Corey’s accomplishments in Prince William County are a model for our state government.  While spending in VA has grown by 66% Corey has cut $143 million in spending from the county budget and per capita spending is below what it was in 1992.   While little has been done to address the challenges of illegal immigration at the state level Corey has implemented policies to enforce immigration law and has reduced crime.  While we just received the biggest tax increase in VA history to supposedly fund transportation, Prince William County funded a $300 million dollar transportation project without raising taxes.  If we want to solve the transportation issue we should call on other counties to maintain their own roads and decentralize road building and maintenance from VDOT to the localities.  Lastly, while Medicaid spending has increased by 1500% in the last 30 years, Corey’s most recent budget proposed 9.6 million in cuts to social services.  This is the type of leadership that we need in VA and I hope you will all rally behind Corey on Saturday and push him across the finish line.
Best Regards,
Angie

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On Friday and Saturday, a number of tea party leaders from across the state met alongside officials from the Middle Resolution PAC to examine the nine Republican candidates for lieutenant governor and attorney general.  The purpose in doing so was to evaluate each and determine which of the choices best represent the tea party values.

Now, I first heard about this process in early February and, after reading all of the materials provided on the subject, came out in opposition to the idea.  It was not an easy decision to make, especially given that the Virginia Tea Party Federation was in favor of it and that I worked for We rVirginia in 2012, a group funded by Middle Resolution.  Nevertheless, I believed that it was the right thing to do.  I crafted a couple of similarly worded emails stating my objections which I sent to the leadership of the Shenandoah Valley Tea Party and Middle Resolution.

For the record, here is the text of one such email that I wrote on February 13th of this year:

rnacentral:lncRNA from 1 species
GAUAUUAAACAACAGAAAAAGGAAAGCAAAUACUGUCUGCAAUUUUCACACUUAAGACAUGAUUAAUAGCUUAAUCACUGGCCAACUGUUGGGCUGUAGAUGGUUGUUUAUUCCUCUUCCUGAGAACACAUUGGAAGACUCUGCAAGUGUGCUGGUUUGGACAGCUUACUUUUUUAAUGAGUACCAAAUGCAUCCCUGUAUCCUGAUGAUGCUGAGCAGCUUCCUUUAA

Good afternoon, everyone.

I’m been thinking a bit more about this vetting on the candidates to produce a “tea party” candidate for both lt. gov. and attorney general and must say that the more I consider this path, the more that I am opposed to it.  Now I understand fully why this plan is being implemented.  After all, we saw what happened last year.  With everyone divided, arguably the least conservative candidate (George Allen) won the GOP Senate nomination.  But is this proposal of rallying most or all of the tea parties in the state behind a candidate the best?

In an ideal situation, I’d like to see the tea parties clearly state their principles for these races as well as inform their membership of the positions of each candidate.  Based upon this information, we would let each person decide who best adheres to his or her principles.  Instead, it seems that we are charting…a very top down/authoritarian course of action where the leadership and a handful of people in Richmond decide for the members who they think is best.

Now being involved in politics for more than half my life, I know how these sorts of things work.  Unfortunately, most people of all political persuasions act like sheep and will dutifully follow their leaders where ever they are taken.  But, I’d like to think that the tea party is something different, something better than just “the leaders have spoken and the faithful membership will follow us without question”.  I have a lot of respect for…[the people involved in the vetting process]… and the leaders of the various tea parties, but that respect alone does not mean that I can allow them to do all of my thinking for me.